What Is Experiential Education Infographic
By engaging in experiential learning, you can positively impact your life and the lives of those around you, while building confidence and character along the way.
A Look at Experiential Education
Understanding what experiential education is will be the first step of your journey. Simply put, experiential education is a way of framing the learning environment to focus on you, the learner. With experiential education, you become the lens through which all things are viewed. You take a pivotal role in shaping your learning environment, working either one-on-one or in groups to experience, problem-solve and analyze the ideas set before you.
As a broad methodology, experiential education doesn’t conform to just one type of learning or one type of environment. In fact, experiential learning is effective in nearly all facets of life. It is applicable at K12 schools, colleges and universities, summer camps, work retreats, mental health programs, employer training facilities, substance abuse/addiction centers and many other settings.
The most common types of experiential education programs revolve around wilderness therapy, adventure education, corporate development training and classroom-based learning (primary, secondary and higher education).
Four Stages of Experiential Learning
Educational theorist David A. Kolb is credited with developing the Educational Learning Theory model, first published in 1984. There are four stages of learning in this model, and each one builds upon the previous in a holistic, well-balanced manner. Here are the four stages you will encounter in experiential learning:
- Concrete Experience: In this first stage, the learner takes part in some type of activity, actively engaging with hands-on learning. It could be indoors, such as in a classroom or gymnasium, or it could be outdoors in an urban or rural setting. Regardless of the environment, the learner is encountering a new experience and actively absorbing new material.
- Reflective Observation: During the second stage, the learner has completed the activity and now takes time to reflect back on the experience. Critical thinking does not occur at this stage. Rather, it is a time for observing what lies before and around the learner as a result of the activity.
- Abstract Conceptualization: By the third stage, the learner has begun to think about the experience, to conceptualize a personal theory about what the experience meant or how it could be repeated (or modified).
- Active Experimentation: In the final stage, the learner once again dives into an activity, applying the conceptualized theory to determine if the outcome is similar or different to what was first experienced. The learner will make decisions and problem-solve to determine how the best outcome could be achieved.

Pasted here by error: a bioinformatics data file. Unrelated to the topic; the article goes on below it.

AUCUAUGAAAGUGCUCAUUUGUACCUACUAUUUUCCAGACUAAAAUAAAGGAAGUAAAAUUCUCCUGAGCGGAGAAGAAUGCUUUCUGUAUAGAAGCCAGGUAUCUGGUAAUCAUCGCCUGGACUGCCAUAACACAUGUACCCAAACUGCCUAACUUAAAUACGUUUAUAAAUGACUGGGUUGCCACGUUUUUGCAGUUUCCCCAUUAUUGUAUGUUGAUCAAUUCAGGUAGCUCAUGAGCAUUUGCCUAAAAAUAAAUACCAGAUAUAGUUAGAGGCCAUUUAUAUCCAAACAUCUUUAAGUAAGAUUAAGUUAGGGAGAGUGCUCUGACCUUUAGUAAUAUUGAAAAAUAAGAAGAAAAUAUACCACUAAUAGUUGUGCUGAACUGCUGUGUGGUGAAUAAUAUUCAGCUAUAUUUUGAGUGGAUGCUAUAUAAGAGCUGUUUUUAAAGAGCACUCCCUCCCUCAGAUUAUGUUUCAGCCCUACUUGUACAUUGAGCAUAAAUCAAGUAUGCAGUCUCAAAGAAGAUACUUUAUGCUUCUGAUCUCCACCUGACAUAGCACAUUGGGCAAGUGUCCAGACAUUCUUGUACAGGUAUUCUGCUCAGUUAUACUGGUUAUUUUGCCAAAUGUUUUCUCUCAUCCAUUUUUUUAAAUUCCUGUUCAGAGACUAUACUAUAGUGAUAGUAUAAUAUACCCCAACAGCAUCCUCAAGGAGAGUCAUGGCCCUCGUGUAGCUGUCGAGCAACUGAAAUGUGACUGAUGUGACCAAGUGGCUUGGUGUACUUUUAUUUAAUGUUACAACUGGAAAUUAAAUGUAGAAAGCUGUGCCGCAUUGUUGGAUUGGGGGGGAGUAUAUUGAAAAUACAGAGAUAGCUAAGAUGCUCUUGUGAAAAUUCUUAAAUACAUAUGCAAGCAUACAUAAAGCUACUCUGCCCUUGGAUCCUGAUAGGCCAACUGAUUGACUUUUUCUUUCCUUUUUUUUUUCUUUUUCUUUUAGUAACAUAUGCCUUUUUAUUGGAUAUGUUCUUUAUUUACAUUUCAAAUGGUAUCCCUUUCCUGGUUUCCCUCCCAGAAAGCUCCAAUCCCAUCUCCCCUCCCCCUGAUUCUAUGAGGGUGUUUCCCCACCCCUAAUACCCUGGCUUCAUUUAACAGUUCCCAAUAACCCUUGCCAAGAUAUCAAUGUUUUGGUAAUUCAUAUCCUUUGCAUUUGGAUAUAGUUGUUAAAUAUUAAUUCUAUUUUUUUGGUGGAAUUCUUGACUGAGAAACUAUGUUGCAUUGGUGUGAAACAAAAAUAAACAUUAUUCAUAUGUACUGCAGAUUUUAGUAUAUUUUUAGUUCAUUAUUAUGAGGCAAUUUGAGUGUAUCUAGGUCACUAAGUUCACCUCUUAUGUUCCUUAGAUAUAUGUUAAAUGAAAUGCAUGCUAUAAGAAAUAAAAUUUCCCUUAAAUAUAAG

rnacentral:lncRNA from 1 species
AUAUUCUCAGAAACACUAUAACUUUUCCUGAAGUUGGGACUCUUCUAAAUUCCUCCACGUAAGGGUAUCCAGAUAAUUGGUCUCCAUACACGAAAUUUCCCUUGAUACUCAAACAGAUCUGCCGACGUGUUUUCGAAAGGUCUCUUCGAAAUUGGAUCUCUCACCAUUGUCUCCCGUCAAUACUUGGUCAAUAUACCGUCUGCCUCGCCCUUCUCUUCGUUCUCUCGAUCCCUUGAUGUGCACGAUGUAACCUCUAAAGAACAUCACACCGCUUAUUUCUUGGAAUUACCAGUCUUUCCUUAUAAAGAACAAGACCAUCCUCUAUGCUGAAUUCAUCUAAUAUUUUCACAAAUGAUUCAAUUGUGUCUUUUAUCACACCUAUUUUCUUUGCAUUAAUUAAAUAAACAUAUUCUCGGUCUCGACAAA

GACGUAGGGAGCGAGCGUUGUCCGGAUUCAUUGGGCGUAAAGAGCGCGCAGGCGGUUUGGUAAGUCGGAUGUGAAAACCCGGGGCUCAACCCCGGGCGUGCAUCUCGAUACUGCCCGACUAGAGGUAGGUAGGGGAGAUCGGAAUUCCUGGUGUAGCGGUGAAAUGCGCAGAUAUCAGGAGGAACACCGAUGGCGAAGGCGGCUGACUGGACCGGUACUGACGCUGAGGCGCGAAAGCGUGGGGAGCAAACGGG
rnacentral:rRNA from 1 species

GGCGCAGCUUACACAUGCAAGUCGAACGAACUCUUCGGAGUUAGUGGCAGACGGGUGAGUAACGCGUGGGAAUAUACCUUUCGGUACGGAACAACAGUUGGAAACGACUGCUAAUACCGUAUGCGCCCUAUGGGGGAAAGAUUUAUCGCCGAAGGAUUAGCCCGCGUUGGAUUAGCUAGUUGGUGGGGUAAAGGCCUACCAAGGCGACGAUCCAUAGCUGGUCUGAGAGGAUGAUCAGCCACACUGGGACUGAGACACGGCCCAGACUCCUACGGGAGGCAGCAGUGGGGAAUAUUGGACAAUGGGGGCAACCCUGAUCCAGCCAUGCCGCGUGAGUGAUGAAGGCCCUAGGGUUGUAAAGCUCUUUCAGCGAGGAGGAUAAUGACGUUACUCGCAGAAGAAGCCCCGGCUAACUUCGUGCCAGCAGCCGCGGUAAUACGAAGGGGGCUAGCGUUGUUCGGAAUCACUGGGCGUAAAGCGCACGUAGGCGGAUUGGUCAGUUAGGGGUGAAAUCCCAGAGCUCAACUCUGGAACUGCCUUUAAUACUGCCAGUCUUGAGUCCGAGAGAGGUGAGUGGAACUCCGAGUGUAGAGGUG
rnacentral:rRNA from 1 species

Key Principles of Experiential Education
- Experiential education – the process used to achieve learning – involves several key principles that guide its overall approach.
- Active learning, when the learner shapes the educational course through questions, experiments and creative thinking. The learner develops curiosity in all materials, taking time to solve problems and put forth conceptualized outcomes.
- Learner initiative, when the onus is placed upon the learner for guiding the experience. It also means the learner takes responsibility for outcomes and will be held accountable for the successes and failures of each.
- Holistic focus, when the learner’s mental, physical, spiritual, emotional and social needs are taken into consideration.
- Personalized experience, when the learning results are unique to each learner. The personalized results will also guide future experiences and shape the way the learner chooses to engage with participants, educators and community members.
- Nurtured relationships, when the learner deepens a connection and learns to encourage reciprocal benefits. The most common relationships are between learner and self, learner and acquaintances/family, and learner and society as a whole.
- Joint value, when the learner and educator both gain from the experience. Some of this value focuses on the actual successes and failures, while other aspects focus on the degree of risk-taking and unknown outcomes.
- Safe learning environment, when the educator devises an experience in which the learner is able to question, problem-solve and learn in a safe, stimulating environment. The educator is responsible for presenting the initial experience, leaving the learner to take hold of the reins from that point forward.
- Unbiased approach, when the educator focuses solely on the learner and the learner’s perspective, refraining as much as humanly possible from personal biases, presumptions and judgments.
- Taken together, these principles help shape the experience for every learner and every educator in turn. Your journey is never one of isolation; rather, you’ll find it is a joint venture in which all parties benefit and work in tandem to enhance their own lives and sense of purpose.
See also: Experiential Learning in The Classroom Infographic